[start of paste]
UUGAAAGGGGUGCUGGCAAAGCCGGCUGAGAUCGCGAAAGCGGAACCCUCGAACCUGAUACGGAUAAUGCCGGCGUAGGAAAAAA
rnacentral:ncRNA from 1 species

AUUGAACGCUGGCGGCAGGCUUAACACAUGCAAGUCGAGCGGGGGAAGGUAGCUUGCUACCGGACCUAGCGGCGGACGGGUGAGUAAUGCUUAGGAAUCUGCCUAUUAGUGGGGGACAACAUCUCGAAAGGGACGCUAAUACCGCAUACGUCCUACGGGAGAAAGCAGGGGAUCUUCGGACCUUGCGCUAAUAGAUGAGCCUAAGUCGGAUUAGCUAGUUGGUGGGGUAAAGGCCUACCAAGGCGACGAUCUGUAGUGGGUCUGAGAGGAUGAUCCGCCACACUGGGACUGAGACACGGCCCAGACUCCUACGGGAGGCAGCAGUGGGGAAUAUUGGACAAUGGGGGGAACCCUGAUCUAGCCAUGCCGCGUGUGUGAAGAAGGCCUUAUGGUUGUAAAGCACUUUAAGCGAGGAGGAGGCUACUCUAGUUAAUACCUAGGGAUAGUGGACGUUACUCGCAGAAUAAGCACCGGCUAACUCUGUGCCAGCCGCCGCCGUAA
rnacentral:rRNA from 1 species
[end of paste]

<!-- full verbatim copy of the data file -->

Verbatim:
UUGAAAGGGGUGCUGGCAAAGCCGGCUGAGAUCGCGAAAGCGGAACCCUCGAACCUGAUACGGAUAAUGCCGGCGUAGGAAAAAA
rnacentral:ncRNA from 1 species

AUUGAACGCUGGCGGCAGGCUUAACACAUGCAAGUCGAGCGGGGGAAGGUAGCUUGCUACCGGACCUAGCGGCGGACGGGUGAGUAAUGCUUAGGAAUCUGCCUAUUAGUGGGGGACAACAUCUCGAAAGGGACGCUAAUACCGCAUACGUCCUACGGGAGAAAGCAGGGGAUCUUCGGACCUUGCGCUAAUAGAUGAGCCUAAGUCGGAUUAGCUAGUUGGUGGGGUAAAGGCCUACCAAGGCGACGAUCUGUAGUGGGUCUGAGAGGAUGAUCCGCCACACUGGGACUGAGACACGGCCCAGACUCCUACGGGAGGCAGCAGUGGGGAAUAUUGGACAAUGGGGGGAACCCUGAUCUAGCCAUGCCGCGUGUGUGAAGAAGGCCUUAUGGUUGUAAAGCACUUUAAGCGAGGAGGAGGCUACUCUAGUUAAUACCUAGGGAUAGUGGACGUUACUCGCAGAAUAAGCACCGGCUAACUCUGUGCCAGCCGCCGCCGUAA
rnacentral:rRNA from 1 species